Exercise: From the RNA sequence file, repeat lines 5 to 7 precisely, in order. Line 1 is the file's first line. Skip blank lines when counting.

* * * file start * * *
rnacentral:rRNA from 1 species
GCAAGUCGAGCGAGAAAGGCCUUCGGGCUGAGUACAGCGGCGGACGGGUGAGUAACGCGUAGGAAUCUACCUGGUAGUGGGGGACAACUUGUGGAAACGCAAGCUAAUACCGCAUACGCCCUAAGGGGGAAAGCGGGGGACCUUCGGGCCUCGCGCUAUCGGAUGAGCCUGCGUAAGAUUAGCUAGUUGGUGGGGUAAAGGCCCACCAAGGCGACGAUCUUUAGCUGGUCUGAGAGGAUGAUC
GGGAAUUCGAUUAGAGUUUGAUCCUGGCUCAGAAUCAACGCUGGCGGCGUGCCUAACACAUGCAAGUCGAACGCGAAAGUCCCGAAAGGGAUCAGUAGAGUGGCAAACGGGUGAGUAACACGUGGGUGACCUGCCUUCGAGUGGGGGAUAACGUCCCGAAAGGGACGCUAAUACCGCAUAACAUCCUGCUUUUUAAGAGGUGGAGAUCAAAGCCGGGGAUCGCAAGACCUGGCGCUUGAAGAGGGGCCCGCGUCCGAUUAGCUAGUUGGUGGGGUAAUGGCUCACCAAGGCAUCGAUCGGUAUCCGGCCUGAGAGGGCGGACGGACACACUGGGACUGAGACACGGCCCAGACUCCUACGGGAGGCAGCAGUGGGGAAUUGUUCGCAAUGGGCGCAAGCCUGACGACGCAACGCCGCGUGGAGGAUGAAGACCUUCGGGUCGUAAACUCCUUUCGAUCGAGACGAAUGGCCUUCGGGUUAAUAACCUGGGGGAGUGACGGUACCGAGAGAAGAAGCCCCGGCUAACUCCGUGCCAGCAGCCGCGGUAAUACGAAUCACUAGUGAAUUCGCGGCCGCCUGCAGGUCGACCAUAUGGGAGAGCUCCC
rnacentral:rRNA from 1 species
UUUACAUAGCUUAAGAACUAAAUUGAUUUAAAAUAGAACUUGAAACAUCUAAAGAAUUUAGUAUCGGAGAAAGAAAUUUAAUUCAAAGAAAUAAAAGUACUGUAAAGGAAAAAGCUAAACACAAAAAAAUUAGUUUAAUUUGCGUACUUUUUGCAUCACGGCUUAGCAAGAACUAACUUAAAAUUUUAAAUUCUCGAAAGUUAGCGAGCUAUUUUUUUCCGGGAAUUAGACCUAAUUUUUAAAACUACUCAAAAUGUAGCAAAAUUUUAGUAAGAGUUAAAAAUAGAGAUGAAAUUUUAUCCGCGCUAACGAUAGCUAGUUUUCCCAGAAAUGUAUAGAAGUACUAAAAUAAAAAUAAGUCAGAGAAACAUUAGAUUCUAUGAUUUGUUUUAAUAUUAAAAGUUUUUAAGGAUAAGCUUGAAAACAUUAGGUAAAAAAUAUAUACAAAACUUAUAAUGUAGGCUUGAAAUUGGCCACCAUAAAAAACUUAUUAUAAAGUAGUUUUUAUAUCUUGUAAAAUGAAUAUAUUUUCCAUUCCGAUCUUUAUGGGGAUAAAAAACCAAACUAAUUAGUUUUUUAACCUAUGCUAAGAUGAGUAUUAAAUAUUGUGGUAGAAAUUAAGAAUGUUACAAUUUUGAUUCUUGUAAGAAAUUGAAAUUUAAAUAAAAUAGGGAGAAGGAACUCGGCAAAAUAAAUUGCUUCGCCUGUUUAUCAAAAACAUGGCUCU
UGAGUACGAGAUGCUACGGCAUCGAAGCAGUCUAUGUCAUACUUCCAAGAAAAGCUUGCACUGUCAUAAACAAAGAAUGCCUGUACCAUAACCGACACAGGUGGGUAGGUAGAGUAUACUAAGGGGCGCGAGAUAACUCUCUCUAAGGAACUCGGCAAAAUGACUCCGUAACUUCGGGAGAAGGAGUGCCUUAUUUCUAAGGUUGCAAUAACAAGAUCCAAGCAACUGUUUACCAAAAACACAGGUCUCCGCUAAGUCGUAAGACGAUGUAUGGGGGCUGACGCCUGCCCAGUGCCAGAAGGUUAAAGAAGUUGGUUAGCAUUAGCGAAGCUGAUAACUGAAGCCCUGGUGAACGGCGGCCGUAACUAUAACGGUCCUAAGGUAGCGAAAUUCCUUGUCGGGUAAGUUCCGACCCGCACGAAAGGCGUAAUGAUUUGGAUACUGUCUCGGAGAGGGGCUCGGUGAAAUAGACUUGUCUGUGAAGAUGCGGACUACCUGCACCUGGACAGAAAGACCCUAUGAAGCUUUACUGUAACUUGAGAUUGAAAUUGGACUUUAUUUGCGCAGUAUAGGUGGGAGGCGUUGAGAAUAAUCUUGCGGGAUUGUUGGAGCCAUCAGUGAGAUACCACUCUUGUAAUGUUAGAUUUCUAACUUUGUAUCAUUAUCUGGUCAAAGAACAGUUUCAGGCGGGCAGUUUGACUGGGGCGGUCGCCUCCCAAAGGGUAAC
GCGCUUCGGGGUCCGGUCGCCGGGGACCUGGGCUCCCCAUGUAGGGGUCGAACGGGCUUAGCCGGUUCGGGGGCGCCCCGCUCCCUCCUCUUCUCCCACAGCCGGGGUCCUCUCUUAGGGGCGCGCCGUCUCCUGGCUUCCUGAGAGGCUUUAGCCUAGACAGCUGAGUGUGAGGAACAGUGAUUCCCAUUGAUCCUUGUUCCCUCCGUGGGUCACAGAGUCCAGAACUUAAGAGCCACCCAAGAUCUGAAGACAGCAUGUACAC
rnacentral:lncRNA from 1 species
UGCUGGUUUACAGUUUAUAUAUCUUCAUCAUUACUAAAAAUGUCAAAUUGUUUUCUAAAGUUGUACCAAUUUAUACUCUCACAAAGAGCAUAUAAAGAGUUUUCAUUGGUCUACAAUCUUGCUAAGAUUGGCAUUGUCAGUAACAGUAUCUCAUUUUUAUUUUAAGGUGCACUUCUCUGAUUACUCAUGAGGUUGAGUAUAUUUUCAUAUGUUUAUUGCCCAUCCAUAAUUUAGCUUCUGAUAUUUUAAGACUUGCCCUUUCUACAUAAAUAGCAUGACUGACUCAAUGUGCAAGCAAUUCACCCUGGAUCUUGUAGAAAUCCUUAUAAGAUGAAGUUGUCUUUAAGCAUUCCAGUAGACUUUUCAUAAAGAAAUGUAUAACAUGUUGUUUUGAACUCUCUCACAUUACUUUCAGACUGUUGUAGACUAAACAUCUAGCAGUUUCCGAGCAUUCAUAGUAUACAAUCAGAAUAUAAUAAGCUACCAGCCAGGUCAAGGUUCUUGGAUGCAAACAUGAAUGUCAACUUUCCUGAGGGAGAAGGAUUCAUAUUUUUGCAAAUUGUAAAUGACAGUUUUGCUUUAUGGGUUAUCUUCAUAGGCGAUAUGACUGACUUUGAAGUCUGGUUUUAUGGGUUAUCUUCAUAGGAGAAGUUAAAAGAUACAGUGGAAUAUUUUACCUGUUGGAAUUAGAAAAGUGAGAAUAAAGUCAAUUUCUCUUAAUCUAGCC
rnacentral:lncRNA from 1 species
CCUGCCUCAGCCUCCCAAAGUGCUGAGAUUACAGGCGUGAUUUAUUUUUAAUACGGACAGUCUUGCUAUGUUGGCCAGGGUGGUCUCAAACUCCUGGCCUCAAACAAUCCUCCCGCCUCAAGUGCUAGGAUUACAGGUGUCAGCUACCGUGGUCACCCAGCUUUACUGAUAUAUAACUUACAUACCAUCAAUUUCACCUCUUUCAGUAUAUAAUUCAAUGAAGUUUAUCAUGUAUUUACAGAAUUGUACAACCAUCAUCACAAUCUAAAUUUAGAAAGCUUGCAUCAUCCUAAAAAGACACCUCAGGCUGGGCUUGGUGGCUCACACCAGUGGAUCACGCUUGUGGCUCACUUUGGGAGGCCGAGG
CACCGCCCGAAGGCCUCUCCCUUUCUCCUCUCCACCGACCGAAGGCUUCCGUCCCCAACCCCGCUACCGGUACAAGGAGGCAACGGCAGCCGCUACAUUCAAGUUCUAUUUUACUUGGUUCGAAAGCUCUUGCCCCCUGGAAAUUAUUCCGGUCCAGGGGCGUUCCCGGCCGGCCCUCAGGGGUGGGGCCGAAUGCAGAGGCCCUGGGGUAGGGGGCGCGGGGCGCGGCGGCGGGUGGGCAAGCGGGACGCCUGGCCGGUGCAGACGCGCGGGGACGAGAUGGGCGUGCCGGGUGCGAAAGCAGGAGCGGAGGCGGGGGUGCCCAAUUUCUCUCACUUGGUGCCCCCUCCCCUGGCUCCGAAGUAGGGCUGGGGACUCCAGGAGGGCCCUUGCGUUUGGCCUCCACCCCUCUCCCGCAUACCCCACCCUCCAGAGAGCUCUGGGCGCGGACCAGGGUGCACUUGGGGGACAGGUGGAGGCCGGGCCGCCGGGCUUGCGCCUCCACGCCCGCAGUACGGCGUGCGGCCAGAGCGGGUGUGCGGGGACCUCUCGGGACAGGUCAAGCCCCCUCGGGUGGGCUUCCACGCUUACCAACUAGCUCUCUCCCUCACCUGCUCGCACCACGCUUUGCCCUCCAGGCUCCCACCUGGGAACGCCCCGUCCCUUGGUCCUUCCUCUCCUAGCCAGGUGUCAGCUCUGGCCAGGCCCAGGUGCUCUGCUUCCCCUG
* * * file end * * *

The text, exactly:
UUUACAUAGCUUAAGAACUAAAUUGAUUUAAAAUAGAACUUGAAACAUCUAAAGAAUUUAGUAUCGGAGAAAGAAAUUUAAUUCAAAGAAAUAAAAGUACUGUAAAGGAAAAAGCUAAACACAAAAAAAUUAGUUUAAUUUGCGUACUUUUUGCAUCACGGCUUAGCAAGAACUAACUUAAAAUUUUAAAUUCUCGAAAGUUAGCGAGCUAUUUUUUUCCGGGAAUUAGACCUAAUUUUUAAAACUACUCAAAAUGUAGCAAAAUUUUAGUAAGAGUUAAAAAUAGAGAUGAAAUUUUAUCCGCGCUAACGAUAGCUAGUUUUCCCAGAAAUGUAUAGAAGUACUAAAAUAAAAAUAAGUCAGAGAAACAUUAGAUUCUAUGAUUUGUUUUAAUAUUAAAAGUUUUUAAGGAUAAGCUUGAAAACAUUAGGUAAAAAAUAUAUACAAAACUUAUAAUGUAGGCUUGAAAUUGGCCACCAUAAAAAACUUAUUAUAAAGUAGUUUUUAUAUCUUGUAAAAUGAAUAUAUUUUCCAUUCCGAUCUUUAUGGGGAUAAAAAACCAAACUAAUUAGUUUUUUAACCUAUGCUAAGAUGAGUAUUAAAUAUUGUGGUAGAAAUUAAGAAUGUUACAAUUUUGAUUCUUGUAAGAAAUUGAAAUUUAAAUAAAAUAGGGAGAAGGAACUCGGCAAAAUAAAUUGCUUCGCCUGUUUAUCAAAAACAUGGCUCU
UGAGUACGAGAUGCUACGGCAUCGAAGCAGUCUAUGUCAUACUUCCAAGAAAAGCUUGCACUGUCAUAAACAAAGAAUGCCUGUACCAUAACCGACACAGGUGGGUAGGUAGAGUAUACUAAGGGGCGCGAGAUAACUCUCUCUAAGGAACUCGGCAAAAUGACUCCGUAACUUCGGGAGAAGGAGUGCCUUAUUUCUAAGGUUGCAAUAACAAGAUCCAAGCAACUGUUUACCAAAAACACAGGUCUCCGCUAAGUCGUAAGACGAUGUAUGGGGGCUGACGCCUGCCCAGUGCCAGAAGGUUAAAGAAGUUGGUUAGCAUUAGCGAAGCUGAUAACUGAAGCCCUGGUGAACGGCGGCCGUAACUAUAACGGUCCUAAGGUAGCGAAAUUCCUUGUCGGGUAAGUUCCGACCCGCACGAAAGGCGUAAUGAUUUGGAUACUGUCUCGGAGAGGGGCUCGGUGAAAUAGACUUGUCUGUGAAGAUGCGGACUACCUGCACCUGGACAGAAAGACCCUAUGAAGCUUUACUGUAACUUGAGAUUGAAAUUGGACUUUAUUUGCGCAGUAUAGGUGGGAGGCGUUGAGAAUAAUCUUGCGGGAUUGUUGGAGCCAUCAGUGAGAUACCACUCUUGUAAUGUUAGAUUUCUAACUUUGUAUCAUUAUCUGGUCAAAGAACAGUUUCAGGCGGGCAGUUUGACUGGGGCGGUCGCCUCCCAAAGGGUAAC
GCGCUUCGGGGUCCGGUCGCCGGGGACCUGGGCUCCCCAUGUAGGGGUCGAACGGGCUUAGCCGGUUCGGGGGCGCCCCGCUCCCUCCUCUUCUCCCACAGCCGGGGUCCUCUCUUAGGGGCGCGCCGUCUCCUGGCUUCCUGAGAGGCUUUAGCCUAGACAGCUGAGUGUGAGGAACAGUGAUUCCCAUUGAUCCUUGUUCCCUCCGUGGGUCACAGAGUCCAGAACUUAAGAGCCACCCAAGAUCUGAAGACAGCAUGUACAC